This course is an introduction to the historical formation and cultural complexity of the Philippines. It surveys major periods in Philippine history, paying particular attention to their cultural dimensions. Starting with the inclusion of the archipelago in Asian maritime trade, to becoming a colony of Spain, through the American colonial period, and arriving at the post-colonial present, we will draw from primary source materials, historiography, ethnography, literary works and popular culture to examine the cultural effects of processes and events such as:
- religious conversion and colonial encounter;
- revolution and nationalism;
- U.S. Imperialism;
- hybridity and language;
- regional, class, and identity formation;
- modernity, globalization, and migration.
Of continued reflection throughout the course will be the recurring problems and challenges of trying to study a place and people comprised of such incredible diversity in historical experience and cultural life.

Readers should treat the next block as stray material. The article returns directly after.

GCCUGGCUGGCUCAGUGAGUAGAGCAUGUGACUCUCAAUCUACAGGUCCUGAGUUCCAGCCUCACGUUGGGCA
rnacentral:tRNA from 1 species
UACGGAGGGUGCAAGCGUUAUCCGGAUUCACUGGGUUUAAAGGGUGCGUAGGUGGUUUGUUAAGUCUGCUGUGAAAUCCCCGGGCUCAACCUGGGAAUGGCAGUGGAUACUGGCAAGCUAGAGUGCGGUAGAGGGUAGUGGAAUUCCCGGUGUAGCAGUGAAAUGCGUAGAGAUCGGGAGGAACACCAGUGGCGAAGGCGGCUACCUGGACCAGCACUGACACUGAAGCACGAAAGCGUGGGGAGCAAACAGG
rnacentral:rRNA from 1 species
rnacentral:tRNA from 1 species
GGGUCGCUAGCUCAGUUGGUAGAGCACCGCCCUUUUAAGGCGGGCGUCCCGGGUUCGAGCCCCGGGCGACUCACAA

Course Requirements: Students are expected to have completed all required readings before each lecture. Attendance is required and participation will constitute 10% of the student’s final grade. There will be regular quizzes to test that you are doing the readings and following along with the lectures.
By the end of the academic term, each student should have attained:
- general knowledge about the geographical, cultural, and religious diversity of the Philippines;
- a basic understanding of the historical emergence of the Philippine nation:
- the ability to identify and describe some of the major cultural and political consequences of colonial rule; and
- familiarity with a few of the current issues in the contemporary Philippines.
Intended Audience: This course will be appropriate for a wide range of students, but especially those interested or concentrating/minoring in Asian Studies, History, Interdisciplinary Studies, and Anthropology.